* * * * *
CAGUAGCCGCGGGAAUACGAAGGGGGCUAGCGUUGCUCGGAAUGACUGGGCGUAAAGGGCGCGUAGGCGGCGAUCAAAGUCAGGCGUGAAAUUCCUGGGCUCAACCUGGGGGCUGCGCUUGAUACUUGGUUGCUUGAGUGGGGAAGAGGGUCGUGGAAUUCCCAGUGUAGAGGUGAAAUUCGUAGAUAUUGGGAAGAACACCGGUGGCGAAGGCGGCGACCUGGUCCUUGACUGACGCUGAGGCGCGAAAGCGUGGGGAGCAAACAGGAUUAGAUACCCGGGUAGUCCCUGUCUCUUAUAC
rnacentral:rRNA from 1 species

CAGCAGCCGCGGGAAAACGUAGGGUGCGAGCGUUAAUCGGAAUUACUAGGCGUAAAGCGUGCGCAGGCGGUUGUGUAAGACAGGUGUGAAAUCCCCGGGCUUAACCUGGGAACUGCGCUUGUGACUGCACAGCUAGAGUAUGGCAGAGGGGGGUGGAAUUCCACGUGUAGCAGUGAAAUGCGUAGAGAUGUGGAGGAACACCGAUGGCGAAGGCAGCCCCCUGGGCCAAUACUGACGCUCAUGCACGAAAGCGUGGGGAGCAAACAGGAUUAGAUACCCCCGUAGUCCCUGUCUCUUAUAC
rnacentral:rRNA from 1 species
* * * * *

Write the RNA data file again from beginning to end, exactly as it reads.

CAGUAGCCGCGGGAAUACGAAGGGGGCUAGCGUUGCUCGGAAUGACUGGGCGUAAAGGGCGCGUAGGCGGCGAUCAAAGUCAGGCGUGAAAUUCCUGGGCUCAACCUGGGGGCUGCGCUUGAUACUUGGUUGCUUGAGUGGGGAAGAGGGUCGUGGAAUUCCCAGUGUAGAGGUGAAAUUCGUAGAUAUUGGGAAGAACACCGGUGGCGAAGGCGGCGACCUGGUCCUUGACUGACGCUGAGGCGCGAAAGCGUGGGGAGCAAACAGGAUUAGAUACCCGGGUAGUCCCUGUCUCUUAUAC
rnacentral:rRNA from 1 species

CAGCAGCCGCGGGAAAACGUAGGGUGCGAGCGUUAAUCGGAAUUACUAGGCGUAAAGCGUGCGCAGGCGGUUGUGUAAGACAGGUGUGAAAUCCCCGGGCUUAACCUGGGAACUGCGCUUGUGACUGCACAGCUAGAGUAUGGCAGAGGGGGGUGGAAUUCCACGUGUAGCAGUGAAAUGCGUAGAGAUGUGGAGGAACACCGAUGGCGAAGGCAGCCCCCUGGGCCAAUACUGACGCUCAUGCACGAAAGCGUGGGGAGCAAACAGGAUUAGAUACCCCCGUAGUCCCUGUCUCUUAUAC
rnacentral:rRNA from 1 species